On the Trail

Hiker with backpack standing on the edge of a alpine lake with peaks in the distance
Hiker at Surprise Lake

NPS Photo / J. Tobiason

Navigating the trails of Grand Teton National Park demands not only an appreciation for the breathtaking scenery but also a commitment to protecting this special place. With every step, visitors become stewards of this pristine wilderness.


Backpacking Essentials

Prepare for an unforgettable wilderness odyssey in Grand Teton National Park with these essential items that will ensure your backpacking journey is both safe and rewarding.

  • Water plus water purifying tablets and water filter
  • Food and snacks that are high calorie and light
  • Bear canister if sites don't have a bear box
  • Backpack that can carry all your gear
  • Shelter, tent, or tarp to keep you dry and warm
  • Sleeping bag or sleeping system
  • Sunscreen, hat, and sunglasses to protect you from the sun
  • Map, compass, and other navigation devices, don't depend on electronic devices as batteries and signals can run out
  • Bear spray is essential and sometimes necessary when in bear country
  • Trowel, toilet paper, and closeable baggie
  • Layers, including a waterproof layer and warm synthetic layers
  • First aid kit for the backcountry that includes emergency essentials like matches, solar blanket, etc.
  • Flash light and headlamp for lighting your way

This is not an extensive list but only the essentials, be sure to gather all the gear you think you need.

Bear Canister for backpacking, black cylinder on its side with food spilling out and a lid with a bear symbol
Bear Canister

NPS Illustration

Food Storage

Backpackers are required to carry approved  bear-resistant storage except where food storage boxes are provided. Hanging food inside park boundaries is strictly prohibited.

Grand Teton National Park requires the use of Interagency Grizzly Bear Committee approved containers for food storage in the backcountry. Permit holders may check out a canister with their permit, free of charge.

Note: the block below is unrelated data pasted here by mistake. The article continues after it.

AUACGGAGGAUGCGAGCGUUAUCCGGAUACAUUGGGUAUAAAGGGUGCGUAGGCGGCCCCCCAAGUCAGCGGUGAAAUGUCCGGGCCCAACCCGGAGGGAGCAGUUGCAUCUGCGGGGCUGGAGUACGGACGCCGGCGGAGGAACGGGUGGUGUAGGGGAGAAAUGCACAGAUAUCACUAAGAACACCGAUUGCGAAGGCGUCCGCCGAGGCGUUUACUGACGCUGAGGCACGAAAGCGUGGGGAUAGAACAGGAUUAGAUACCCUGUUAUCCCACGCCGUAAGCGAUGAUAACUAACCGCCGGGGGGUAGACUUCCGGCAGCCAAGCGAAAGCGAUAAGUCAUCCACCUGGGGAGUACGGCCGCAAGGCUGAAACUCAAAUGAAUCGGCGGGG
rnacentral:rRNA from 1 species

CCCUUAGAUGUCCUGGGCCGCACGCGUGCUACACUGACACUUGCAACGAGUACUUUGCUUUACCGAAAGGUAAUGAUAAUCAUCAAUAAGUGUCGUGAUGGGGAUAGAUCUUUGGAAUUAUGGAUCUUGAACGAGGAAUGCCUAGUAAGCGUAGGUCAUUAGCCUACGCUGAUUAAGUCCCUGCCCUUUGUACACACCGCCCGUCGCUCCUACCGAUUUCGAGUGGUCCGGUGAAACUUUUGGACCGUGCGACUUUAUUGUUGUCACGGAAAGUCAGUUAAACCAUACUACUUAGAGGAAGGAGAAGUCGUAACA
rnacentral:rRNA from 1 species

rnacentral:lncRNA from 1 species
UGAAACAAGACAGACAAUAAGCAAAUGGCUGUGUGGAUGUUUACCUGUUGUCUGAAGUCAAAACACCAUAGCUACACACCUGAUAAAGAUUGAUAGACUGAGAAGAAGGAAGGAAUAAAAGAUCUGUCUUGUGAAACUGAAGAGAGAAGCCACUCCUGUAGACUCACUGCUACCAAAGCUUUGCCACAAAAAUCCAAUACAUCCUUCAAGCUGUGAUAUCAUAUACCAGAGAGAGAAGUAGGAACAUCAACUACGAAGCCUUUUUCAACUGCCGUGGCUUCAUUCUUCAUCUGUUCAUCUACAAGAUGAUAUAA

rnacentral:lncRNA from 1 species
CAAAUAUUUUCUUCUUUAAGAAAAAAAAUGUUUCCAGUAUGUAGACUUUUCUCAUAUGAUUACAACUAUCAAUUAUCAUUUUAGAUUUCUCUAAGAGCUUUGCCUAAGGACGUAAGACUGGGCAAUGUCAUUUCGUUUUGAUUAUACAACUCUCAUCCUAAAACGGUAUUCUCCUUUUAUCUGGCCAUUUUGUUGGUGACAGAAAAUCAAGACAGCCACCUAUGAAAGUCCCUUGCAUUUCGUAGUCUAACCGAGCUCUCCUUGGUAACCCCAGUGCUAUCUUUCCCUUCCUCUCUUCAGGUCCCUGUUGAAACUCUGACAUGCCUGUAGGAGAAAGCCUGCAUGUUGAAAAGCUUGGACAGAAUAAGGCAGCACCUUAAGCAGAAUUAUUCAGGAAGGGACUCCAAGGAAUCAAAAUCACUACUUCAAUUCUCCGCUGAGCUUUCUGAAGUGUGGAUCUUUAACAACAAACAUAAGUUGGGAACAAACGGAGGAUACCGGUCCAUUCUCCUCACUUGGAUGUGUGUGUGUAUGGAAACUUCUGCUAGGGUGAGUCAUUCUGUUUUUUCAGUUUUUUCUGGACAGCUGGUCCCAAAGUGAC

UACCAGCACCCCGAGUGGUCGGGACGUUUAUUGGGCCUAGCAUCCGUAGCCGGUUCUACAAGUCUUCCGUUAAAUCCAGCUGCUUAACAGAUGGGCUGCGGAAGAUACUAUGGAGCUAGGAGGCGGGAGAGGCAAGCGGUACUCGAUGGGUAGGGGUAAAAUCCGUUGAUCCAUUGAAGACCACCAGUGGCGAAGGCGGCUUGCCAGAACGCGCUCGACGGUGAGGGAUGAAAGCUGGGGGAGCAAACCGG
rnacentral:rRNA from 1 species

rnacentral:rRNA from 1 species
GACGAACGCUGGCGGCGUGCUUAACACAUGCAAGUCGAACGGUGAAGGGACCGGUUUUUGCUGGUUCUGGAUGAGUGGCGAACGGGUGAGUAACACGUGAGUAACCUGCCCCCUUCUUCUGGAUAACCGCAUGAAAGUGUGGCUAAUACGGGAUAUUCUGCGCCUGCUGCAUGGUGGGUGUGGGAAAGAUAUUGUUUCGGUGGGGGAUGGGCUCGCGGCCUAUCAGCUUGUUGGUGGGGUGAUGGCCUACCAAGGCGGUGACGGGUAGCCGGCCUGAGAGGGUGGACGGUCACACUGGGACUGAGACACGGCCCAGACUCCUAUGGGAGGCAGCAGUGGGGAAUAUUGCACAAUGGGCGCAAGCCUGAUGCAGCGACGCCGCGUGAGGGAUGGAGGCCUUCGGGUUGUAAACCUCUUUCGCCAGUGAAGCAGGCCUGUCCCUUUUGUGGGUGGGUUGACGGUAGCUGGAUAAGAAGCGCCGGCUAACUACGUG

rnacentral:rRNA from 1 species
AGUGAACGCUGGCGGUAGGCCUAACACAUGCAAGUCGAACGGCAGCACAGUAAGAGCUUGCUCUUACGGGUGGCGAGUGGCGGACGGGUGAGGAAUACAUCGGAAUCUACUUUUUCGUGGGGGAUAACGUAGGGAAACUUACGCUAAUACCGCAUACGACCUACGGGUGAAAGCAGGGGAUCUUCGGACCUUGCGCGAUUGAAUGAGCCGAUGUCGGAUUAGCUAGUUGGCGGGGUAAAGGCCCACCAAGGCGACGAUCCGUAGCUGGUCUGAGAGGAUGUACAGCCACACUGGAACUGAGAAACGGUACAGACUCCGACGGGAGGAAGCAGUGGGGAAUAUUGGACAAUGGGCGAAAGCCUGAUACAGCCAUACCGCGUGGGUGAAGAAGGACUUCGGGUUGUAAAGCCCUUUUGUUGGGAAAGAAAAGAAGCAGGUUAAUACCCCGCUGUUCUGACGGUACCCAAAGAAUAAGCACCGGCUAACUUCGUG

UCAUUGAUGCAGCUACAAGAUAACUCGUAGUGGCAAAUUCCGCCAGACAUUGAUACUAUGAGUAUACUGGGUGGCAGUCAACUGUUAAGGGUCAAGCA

Backpackers are welcome to bring their own bear-resistant food container. For a list of all approved portable bear-resistant food containers please visit the  IGBC website.

Food Prepartation and Storage

All food, garbage, toiletries, and any odorous item that may attract a bear, must be stored in a bear-resistant food canister when not in immediate use—day and night.

  • Prepare food, eat, and store your food canister on flat ground 100 yards downwind or more from your campsite in brush or behind rocks.
  • They only work if they are closed and locked. Be sure to keep the canister closed and locked even while you're around your campsite.
  • Do NOT place canister near cliffs or any water source, as a bear may knock the canister around or roll it down a hill trying to open it.
  • Do NOT attach anything to canister. Ropes attached to canister enable a bear to carry it away.
  • Place clean pots and pans on top of canister as a bear alarm.

Keeping Odors Down Around Camp

  • Do not store anything odorous in your sleeping bag or tent.
  • Leave packs away from your tent.
  • Do not cook or eat in or near your tent.
  • If you plan on frying foods or elaborate meals don't sleep in the same clothes you wore while cooking, they may smell of food.
  • Keep a clean camp. Pack out all garbage, do not bury or burn.
  • Do not leave food, packs or garbage unattended. Bears are active any time.